WASHINGTON — It might seem odd that an Omaha congressman would visit businesses in South Carolina, but Rep. Lee Terry was at a Charleston Boeing plant Monday in part because that company pumps millions of dollars into Nebraska.
The Republican congressman said manufacturing is a potential bright spot in the economy, but Congress needs to help the sector become more competitive.
Besides his visit a to Boeing manufacturing plant, Terry was also scheduled to tour the bustling Port of Charleston and chat with local manufacturers.
During a conference call with reporters, Terry said that workers can walk into Boeing and start making $50,000 a year.
“That's great wages,” Terry said.
Those in the steel industry can make $77,000 a year, he said.
“These are real good jobs, and we have to be prepared to make sure that that part of our economy grows,” Terry said.
According to figures from Terry's office, Boeing spent $8 million over the previous year with 24 Omaha suppliers and vendors, everything from businesses that produce industrial parts to a T-shirt shop. Boeing spent more than $21 million at Nebraska businesses overall.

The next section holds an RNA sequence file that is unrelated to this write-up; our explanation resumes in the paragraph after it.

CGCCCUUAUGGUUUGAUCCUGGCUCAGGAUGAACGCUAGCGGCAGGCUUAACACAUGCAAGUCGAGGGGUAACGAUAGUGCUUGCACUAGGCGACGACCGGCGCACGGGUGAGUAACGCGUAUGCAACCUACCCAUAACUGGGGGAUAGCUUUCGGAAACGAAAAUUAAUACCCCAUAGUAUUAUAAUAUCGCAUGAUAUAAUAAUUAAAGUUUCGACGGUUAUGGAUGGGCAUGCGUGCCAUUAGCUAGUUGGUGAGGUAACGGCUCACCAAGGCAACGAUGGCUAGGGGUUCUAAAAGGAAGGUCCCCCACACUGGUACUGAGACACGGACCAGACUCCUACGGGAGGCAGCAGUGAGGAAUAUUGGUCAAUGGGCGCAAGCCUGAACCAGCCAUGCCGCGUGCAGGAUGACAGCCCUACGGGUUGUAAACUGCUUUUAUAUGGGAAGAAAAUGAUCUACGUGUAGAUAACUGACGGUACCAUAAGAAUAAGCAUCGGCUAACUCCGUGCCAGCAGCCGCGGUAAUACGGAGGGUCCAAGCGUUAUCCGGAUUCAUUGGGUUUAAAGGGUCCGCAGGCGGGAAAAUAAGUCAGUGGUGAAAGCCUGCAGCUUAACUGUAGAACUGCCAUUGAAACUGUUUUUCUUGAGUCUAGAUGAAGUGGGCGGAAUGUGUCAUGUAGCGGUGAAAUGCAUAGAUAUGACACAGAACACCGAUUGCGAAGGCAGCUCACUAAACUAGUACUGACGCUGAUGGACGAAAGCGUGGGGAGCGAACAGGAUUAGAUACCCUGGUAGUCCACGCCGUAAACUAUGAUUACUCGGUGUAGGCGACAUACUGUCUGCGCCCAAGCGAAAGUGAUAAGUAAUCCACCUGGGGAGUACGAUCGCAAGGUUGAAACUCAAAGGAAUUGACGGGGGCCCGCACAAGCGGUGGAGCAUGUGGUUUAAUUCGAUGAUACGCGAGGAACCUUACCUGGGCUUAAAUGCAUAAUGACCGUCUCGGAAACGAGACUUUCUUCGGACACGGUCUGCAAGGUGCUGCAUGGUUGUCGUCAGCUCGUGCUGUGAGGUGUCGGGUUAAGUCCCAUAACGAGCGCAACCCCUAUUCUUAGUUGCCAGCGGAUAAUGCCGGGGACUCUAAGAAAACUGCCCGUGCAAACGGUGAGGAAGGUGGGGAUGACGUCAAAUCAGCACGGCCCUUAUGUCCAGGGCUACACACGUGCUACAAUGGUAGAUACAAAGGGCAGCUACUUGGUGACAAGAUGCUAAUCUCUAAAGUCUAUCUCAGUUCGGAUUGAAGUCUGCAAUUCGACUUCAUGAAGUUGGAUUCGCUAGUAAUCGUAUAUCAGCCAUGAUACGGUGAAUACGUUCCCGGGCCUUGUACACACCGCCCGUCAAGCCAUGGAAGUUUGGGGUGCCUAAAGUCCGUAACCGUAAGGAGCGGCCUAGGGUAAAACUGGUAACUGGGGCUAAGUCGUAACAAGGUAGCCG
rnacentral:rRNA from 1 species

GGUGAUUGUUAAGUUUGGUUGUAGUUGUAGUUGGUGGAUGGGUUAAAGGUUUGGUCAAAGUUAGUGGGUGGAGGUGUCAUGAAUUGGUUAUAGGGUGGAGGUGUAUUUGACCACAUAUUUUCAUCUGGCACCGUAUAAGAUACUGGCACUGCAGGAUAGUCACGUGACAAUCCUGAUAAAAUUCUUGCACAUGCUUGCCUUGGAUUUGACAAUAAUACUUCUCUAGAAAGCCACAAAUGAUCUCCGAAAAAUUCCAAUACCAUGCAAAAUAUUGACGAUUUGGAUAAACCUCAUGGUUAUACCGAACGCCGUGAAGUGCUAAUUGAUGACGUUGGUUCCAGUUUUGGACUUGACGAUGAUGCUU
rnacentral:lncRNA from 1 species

At the start of this Congress, Terry took over as chairman of the House Energy and Commerce's subcommittee on commerce, manufacturing and trade.
Terry said he was hearing familiar complaints from South Carolina business leaders about the burdens of regulations, taxes and the new health care law.
The question, as usual, though is what measures could actually move through Congress.
While Capitol Hill lawmakers remain deeply divided, Terry noted that legislators from both sides of the aisle say they want to help to create manufacturing jobs.
He said that House Minority Leader Steny Hoyer, D-Md., is talking about comprehensive legislation related to manufacturing. The two have talked on the House floor and plan to meet in the coming months, Terry said.
One area ripe for cooperation, Terry said, is to cut the time it takes businesses to obtain various permits.
“Those types of delays from being able to expand your businesses to meet the current needs … there has to be some way to fast-track those,” Terry said.